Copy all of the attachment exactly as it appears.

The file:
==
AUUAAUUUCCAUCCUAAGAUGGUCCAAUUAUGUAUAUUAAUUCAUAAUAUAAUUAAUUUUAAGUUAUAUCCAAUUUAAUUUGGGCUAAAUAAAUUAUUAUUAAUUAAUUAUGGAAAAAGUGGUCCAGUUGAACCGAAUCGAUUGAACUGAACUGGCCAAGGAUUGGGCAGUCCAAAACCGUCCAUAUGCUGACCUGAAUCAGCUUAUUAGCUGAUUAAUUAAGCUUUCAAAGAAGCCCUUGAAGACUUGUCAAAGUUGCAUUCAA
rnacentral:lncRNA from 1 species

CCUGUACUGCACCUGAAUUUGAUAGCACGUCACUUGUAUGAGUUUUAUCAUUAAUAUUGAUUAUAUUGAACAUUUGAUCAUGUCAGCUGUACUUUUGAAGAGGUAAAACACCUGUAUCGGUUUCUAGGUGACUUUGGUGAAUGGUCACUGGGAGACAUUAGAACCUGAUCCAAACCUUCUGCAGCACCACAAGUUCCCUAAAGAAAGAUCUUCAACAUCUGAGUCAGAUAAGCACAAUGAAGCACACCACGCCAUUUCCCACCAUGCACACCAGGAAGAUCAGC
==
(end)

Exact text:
AUUAAUUUCCAUCCUAAGAUGGUCCAAUUAUGUAUAUUAAUUCAUAAUAUAAUUAAUUUUAAGUUAUAUCCAAUUUAAUUUGGGCUAAAUAAAUUAUUAUUAAUUAAUUAUGGAAAAAGUGGUCCAGUUGAACCGAAUCGAUUGAACUGAACUGGCCAAGGAUUGGGCAGUCCAAAACCGUCCAUAUGCUGACCUGAAUCAGCUUAUUAGCUGAUUAAUUAAGCUUUCAAAGAAGCCCUUGAAGACUUGUCAAAGUUGCAUUCAA
rnacentral:lncRNA from 1 species

CCUGUACUGCACCUGAAUUUGAUAGCACGUCACUUGUAUGAGUUUUAUCAUUAAUAUUGAUUAUAUUGAACAUUUGAUCAUGUCAGCUGUACUUUUGAAGAGGUAAAACACCUGUAUCGGUUUCUAGGUGACUUUGGUGAAUGGUCACUGGGAGACAUUAGAACCUGAUCCAAACCUUCUGCAGCACCACAAGUUCCCUAAAGAAAGAUCUUCAACAUCUGAGUCAGAUAAGCACAAUGAAGCACACCACGCCAUUUCCCACCAUGCACACCAGGAAGAUCAGC